Kidsons argued that the second presentation was a notification that extended to the whole gamut of Mr Torrance's concerns. The Court of Appeal rejected this argument and held that a reasonable reader of the 31 August letter would only believe underwriters were being notified of Mr Torrance's view that the 'procedures' relating to the schemes could be criticised, rather than the actual 'products'. They concluded the second presentation notified the two lead syndicates that implementation of the schemes might be criticised, not just the DOS one.
The Court of Appeal regarded the 28 March 2002 letter as merely updating the second presentation with respect to the concern about the implementation of DOS.
The Court of Appeal agreed with the trial judge that the fourth presentation to the Lloyd's following market was not made as soon as practicable. It also construed the second sentence of general condition four as a condition precedent extending to the timing of the notice required. It is clear that this conclusion was driven, in large part, by the concern that to find otherwise would have turned a claims-made policy on its head.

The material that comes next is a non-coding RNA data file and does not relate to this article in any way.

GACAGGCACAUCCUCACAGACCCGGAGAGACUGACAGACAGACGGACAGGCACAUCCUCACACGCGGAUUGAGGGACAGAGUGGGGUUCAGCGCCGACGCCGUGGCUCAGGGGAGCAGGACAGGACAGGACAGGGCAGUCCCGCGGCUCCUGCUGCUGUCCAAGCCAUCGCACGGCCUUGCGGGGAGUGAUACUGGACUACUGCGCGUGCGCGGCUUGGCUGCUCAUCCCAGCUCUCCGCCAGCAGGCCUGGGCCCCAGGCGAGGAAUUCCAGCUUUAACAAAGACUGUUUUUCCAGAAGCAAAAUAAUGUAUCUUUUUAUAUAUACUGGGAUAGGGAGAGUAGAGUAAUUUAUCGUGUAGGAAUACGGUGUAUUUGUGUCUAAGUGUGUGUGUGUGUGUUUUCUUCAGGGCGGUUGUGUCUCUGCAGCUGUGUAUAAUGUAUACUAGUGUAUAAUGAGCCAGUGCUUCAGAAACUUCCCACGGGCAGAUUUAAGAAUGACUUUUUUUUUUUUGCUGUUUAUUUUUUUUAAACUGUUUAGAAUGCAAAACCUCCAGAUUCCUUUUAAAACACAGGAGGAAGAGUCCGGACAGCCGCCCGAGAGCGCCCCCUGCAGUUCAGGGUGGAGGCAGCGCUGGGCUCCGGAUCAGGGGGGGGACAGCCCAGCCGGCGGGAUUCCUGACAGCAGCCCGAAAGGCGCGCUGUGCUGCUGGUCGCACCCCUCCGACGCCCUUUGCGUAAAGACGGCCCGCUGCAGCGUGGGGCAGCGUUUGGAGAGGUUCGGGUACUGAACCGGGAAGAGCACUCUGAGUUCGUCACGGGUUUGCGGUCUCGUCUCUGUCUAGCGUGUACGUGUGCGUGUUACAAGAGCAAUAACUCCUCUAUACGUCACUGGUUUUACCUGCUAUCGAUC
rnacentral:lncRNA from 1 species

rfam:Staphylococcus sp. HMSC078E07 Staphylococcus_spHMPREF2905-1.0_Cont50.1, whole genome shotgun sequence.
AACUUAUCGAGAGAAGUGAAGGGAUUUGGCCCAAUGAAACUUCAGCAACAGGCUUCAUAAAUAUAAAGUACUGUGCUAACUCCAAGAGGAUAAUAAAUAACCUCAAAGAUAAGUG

Points to consider
The strong message to insureds is that in notifying circumstances, they must ensure the terms of any notification is a fair summary of what they know. Attempts to water down the terms of any notification run the risk it will not, when construed objectively, be effective to trigger coverage. Attempts to 'test the waters' by notifying underwriters on the placing side, rather than through their claims department, could also detract from the objective appearance of a circumstance being notified.